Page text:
Cirkut cameras were manufactured during the first half of the 20th
century. By and large they were used for portraiture, leaving a vast potential
unexplored. Despite their popularity few historical Cirkut Camera
photography collections exist and little of the work is pursued on a
contemporary basis. Cirkut cameras are bulky and finicky to operate, likely
obstacles to the proliferation of diverse imagery and experimentation. The
Cirkut Camera mechanism was built using slit-scan technology. Modern-day
versions use the same slit-scan technology and are known as rotating or
scanning panorama cameras. They operate like the Cirkut Camera by
pivoting in a circle while film inside travels past a small slit, the shutter,
hence the name slit-scan. Camera rotation and film speed are adjusted for
each lens used. The medium-format camera I use yields a negative 7 inches
up to an entire roll of 220 film for a complete 360-degree photograph.
     Operation remains problematic even with today's versions of the camera.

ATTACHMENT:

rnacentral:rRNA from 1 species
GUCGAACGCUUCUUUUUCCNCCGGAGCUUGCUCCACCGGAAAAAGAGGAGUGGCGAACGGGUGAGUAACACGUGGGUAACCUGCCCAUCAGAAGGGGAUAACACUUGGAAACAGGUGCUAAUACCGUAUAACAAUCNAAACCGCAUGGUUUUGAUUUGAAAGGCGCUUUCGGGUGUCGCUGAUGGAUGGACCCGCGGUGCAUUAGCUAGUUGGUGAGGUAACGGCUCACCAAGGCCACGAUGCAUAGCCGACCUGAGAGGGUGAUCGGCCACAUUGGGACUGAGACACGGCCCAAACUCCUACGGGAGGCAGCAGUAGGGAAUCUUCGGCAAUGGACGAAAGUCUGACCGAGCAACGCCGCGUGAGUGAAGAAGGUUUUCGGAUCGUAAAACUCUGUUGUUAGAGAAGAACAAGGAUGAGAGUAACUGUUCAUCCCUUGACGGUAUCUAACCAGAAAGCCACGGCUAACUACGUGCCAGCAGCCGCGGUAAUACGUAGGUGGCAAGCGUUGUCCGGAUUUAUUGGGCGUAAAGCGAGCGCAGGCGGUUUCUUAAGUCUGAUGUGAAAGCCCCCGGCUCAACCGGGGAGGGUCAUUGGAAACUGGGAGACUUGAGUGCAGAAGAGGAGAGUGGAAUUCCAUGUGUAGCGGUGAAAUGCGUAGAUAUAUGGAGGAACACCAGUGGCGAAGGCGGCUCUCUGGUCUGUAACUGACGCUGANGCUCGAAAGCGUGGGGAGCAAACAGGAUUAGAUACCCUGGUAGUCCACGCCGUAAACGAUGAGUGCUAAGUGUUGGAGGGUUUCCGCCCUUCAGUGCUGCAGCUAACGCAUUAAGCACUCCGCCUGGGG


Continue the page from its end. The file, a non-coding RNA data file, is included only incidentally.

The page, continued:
A number of technical issues confront the photographer using this system
and are borne by recording images in this unusual manner. Manifest to a
greater or lesser extent is a lack of sharpness relative to conventional
cameras where film is held stationary during exposures. Additionally,
throughout each exposure there exists the constant potential for uneven
vertical stripes of density, referred to as banding, and poor resolution all
resulting from the slightest disturbance to the synchronicity between film
speed and camera rotation.
     The camera I work with has no viewing system. Principles of focus differ
from conventional cameras and impinge on recording spatial proximities.
Lens selection is limited to custom-built gears designed for the film drive
mechanism and specific focal lengths at various lens-to-subject distances.
     The work is intuitive; visualizing the boundaries and affectations of a lens
by holding a view in all directions at once and accounting for all the
elements that it contains.
     Testing is necessary to determine recording responses to various
operational adjustments. Changing lenses, removing and installing gears
also requires testing. Gear adjustments are delicate and only a slight error
in pressure renders an outcome unusable.